Coconut processing firms in Ben Tre Province, a major coconut producer in Viet Nam, are facing a severe shortage of raw materials for production as more fruit has been sold to China.
Tu Nhung, a coconut trader in Ben Tre Province’s Mo Cay District, says in the early morning she drives a cargo boat to the fields and by noon, with her boat laden with fruit, she heads to Ham Luong River. There, many boats from China are waiting to buy coconuts.
“Local firms only buy coconuts that weigh a minimum of 900 grammes each while Chinese traders buy all of them, from small to large ones, and offer the same price as local companies,” she explains.
Many other local traders do the same.
To cope with the situation, local processors must raise their offers to compete with Chinese traders, who have driven up coconut prices in the province, says Nguyen Minh Tam of Thanh Long Coconut Candy Company.
The price currently stands at VND100,000 for 12 coconuts compared to VND40,000-VND50,000 a month ago, he says.
Despite offering higher prices, local coconut processing companies have not collected enough coconuts needed for production.
In addition, the coconut output this season has been low, equal to 30-40 per cent of the previous crop, which makes the coconut shortage in the province more serious, says La Van Be, deputy director of Ben Tre Province’s Department of Industry and Trade.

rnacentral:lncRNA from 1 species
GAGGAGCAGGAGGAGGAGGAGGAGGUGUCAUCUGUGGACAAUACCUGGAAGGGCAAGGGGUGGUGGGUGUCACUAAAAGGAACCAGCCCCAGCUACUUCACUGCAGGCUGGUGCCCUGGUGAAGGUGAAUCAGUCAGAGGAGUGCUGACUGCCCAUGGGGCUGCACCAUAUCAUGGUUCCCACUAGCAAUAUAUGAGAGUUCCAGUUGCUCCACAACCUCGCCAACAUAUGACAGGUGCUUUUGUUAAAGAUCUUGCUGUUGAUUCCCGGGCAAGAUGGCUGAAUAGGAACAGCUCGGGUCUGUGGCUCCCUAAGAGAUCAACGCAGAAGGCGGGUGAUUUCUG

To cope with the material shortage in the province, coconut processors have rushed to other neighbouring provinces as Tien Giang, Vinh Long and Tra Vinh to collect coconuts, pushing up prices in these localities as well.
Many coconut processing companies have complained that they could not run at full capacity, and some have stopped operations because they were unable to collect enough materials for processing.
To rescue coconut processors in Ben Tre, Be says the province should conduct a survey on the consumption capacity of local processors in order to ensure supply for the sector.
Ben Tre is home to about 50,000ha of coconut, accounting for more than 30 per cent of the province’s total agricultural land, yielding about 360 million coconuts a year.
More than 1,000 establishments that produce and trade coconut-based products are operating in the province, according to the provincial Department of Industry and Trade.
Coconuts are one of the provincies key export items, the department says, noting that coconut exports are estimated to reach US$150 million this year compared to $92 million in 2008. â€” VNS